Harley Davidson’s first electric motorcycle, Project Livewire, is still in the research and development stage. However, Harley has already begun marketing it on the web.
The target market for Project Livewire will focus mostly on the younger generation. For instance, in an article from the website Behind the Detail, Will MacNeil writes, “Harley Davidson is on a mission to reach a new demographic, a young and earth conscious demographic with the potential release of a brand new electric motorcycle.” MacNeil is correct; the demographic for Project Livewire is consumers in the age range of 16 to 30, with bachelor’s degrees, and upper middleclass incomes. In an article from Adweek, Lisa Granatstein interviewed Mark-Hans Richer, Harley Davidson global CMO, who said, “Innovation at Harley-Davison is also integral to attracting youth. Richer pointed to its Project Livewire.” The distinct feature of this target market is the psychographics. The consumers must be passionate about, or at least aware of, environmental sustainability, and their past buying habits should reflect that.
The positioning strategy for Project Livewire is going to use comparative advertising alongside green marketing. Harley Davidson can do this in two ways; both will be equally beneficial. The first way Harley Davidson can use comparative advertising is to position Project Livewire by comparing it to their other bikes. Doing this will show that the new bike still carries that rugged Harley Davidson tradedress, but it will also show how much more efficient and environmentally friendly it is than the company’s other motorcycles. The second way Harley Davidson can position Project Livewire is to use comparative advertising to show how well it matches up, in terms of motorcycle specs and fuel efficiency (because it uses none!), against competitors’ motorcycles.
Harley Davidson’s digital presence has been miniscule in the past, including recent years. In an article from the site Adage, Lindsay Stein writes, “Harley reported a 3.4% drop in retail motorcycle sales in the U.S. in the fourth quarter of 2015, as well as a 1.7% dip for the full year of 2015…The company is increasing its customer-facing marketing investment by 65%, compared with 2015, largely focusing on growing the sport of motorcycling in the U.S. and boosting product and brand awareness and relevance.” Harley Davidson has been slacking with their digital presence because they had no need to focus on it in the past. Harley Davidson is the most recognizable motorcycle brand in the world. However, times have changed to a new, digital way of advertising, and Harley Davidson has been suffering because of its lethargy in adopting digital strategies.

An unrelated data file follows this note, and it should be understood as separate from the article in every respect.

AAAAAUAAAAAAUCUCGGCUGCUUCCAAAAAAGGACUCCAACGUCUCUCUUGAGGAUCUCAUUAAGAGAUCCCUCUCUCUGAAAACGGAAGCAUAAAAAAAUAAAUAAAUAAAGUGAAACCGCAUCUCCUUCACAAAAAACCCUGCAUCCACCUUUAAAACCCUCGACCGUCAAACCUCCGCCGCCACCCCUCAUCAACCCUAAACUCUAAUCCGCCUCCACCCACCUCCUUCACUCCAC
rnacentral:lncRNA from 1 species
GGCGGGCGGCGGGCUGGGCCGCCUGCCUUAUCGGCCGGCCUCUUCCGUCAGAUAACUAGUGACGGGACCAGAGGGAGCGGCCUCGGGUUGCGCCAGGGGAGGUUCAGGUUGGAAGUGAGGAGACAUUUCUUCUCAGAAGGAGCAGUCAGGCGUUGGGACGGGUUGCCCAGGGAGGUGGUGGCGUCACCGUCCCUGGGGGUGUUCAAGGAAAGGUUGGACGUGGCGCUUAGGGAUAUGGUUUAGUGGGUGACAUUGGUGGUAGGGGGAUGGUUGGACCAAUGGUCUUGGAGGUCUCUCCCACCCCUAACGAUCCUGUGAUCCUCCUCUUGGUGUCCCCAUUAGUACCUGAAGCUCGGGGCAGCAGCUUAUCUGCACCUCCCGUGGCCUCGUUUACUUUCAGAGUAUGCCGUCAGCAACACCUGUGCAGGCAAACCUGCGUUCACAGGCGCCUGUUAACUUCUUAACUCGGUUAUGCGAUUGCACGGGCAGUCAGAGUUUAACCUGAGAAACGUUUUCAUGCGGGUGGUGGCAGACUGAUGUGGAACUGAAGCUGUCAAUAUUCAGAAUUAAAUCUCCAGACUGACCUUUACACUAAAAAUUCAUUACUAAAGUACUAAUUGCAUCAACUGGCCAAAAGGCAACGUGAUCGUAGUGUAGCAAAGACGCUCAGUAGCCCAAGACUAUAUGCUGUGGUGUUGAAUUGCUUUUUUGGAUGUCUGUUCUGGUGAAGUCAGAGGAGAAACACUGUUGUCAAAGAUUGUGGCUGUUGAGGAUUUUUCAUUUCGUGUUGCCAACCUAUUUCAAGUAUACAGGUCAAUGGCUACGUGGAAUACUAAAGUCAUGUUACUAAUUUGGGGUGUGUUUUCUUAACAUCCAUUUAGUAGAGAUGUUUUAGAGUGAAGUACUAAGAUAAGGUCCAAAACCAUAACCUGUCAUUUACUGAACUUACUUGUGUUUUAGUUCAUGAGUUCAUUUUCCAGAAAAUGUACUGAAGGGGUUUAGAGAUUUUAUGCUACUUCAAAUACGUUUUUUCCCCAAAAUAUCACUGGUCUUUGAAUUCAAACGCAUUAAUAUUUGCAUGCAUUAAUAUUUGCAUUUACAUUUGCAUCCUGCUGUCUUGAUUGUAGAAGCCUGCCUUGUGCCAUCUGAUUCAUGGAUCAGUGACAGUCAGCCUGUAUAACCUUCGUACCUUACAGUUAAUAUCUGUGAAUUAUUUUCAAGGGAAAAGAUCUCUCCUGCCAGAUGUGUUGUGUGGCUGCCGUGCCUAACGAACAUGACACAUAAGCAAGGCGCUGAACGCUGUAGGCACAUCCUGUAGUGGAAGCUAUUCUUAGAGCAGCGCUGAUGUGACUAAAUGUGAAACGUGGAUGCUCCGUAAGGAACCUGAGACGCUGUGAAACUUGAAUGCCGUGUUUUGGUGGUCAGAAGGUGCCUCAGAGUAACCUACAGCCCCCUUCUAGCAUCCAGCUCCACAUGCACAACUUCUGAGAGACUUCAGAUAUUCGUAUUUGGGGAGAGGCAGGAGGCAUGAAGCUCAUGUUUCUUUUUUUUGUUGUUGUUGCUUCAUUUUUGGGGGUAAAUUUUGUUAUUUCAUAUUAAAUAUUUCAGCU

Project Livewire has a couple more years until it will be released, so there is not a massive digital presence for the new motorcycle, but Harley Davidson has been using the web to ensure the product is still being noticed. Harley Davidson is using their website to show off Project Livewire with videos, testimonials from those who have seen and used the prototypes, and details about the motorcycle. I also found a video from the investor portion of Harley Davidson’s website where the CEO of Harley Davidson, Matthew Levatich, describes how Harley Davidson is taking the first step in the motorcycle industry with its innovative new bike, Project Livewire. I even had some banner ads pop up on my browser for Project Livewire after I had searched for it, showing that Harley Davidson is using content-targeted advertising.
From my research I have found that Harley Davidson is on most, if not all, major social media platforms, such as Twitter, Tumblr, Facebook, Instagram, Snapchat, and more.
Harley Davidson’s social media strategy, from what I have seen thus far, is to start straying away from the baby boomer generation and appeal more to millennials. The posts I have seen for both Harley Davidson and its new bike, Project Livewire, have shown younger, more sophisticated-looking riders. The posts also show a lot more women and minorities riding their bikes, which older ads did not. Harley Davidson seems to be inching away from the extremely rugged tradedress that they used before, and moving toward a brand that is welcoming to all.
As a millennial, I often notice what companies are doing wrong when they try to advertise to consumers who are my age. If I had to give three digital recommendations for Harley Davidson, they would be as follows: First, start using social media and the internet as a whole to reach the target market. Use media such as blogs, podcasts and emails to reach the targeted consumers. Second, position your brand more toward environmental sustainability. Start associating your brand with environmental cleanups, charities, and sponsorships, and broadcast the efforts all over your social media platforms. You are on the correct path with Project Livewire, but the environment is, and will continue to be, one of the most important aspects of a company in appealing to the younger generation of consumers. Third and finally, continue your current social media strategy by appealing to a wider audience, women, and the younger generation as a whole. Be sure to keep a wide variety of riders shown in your posts, and keep posting frequently.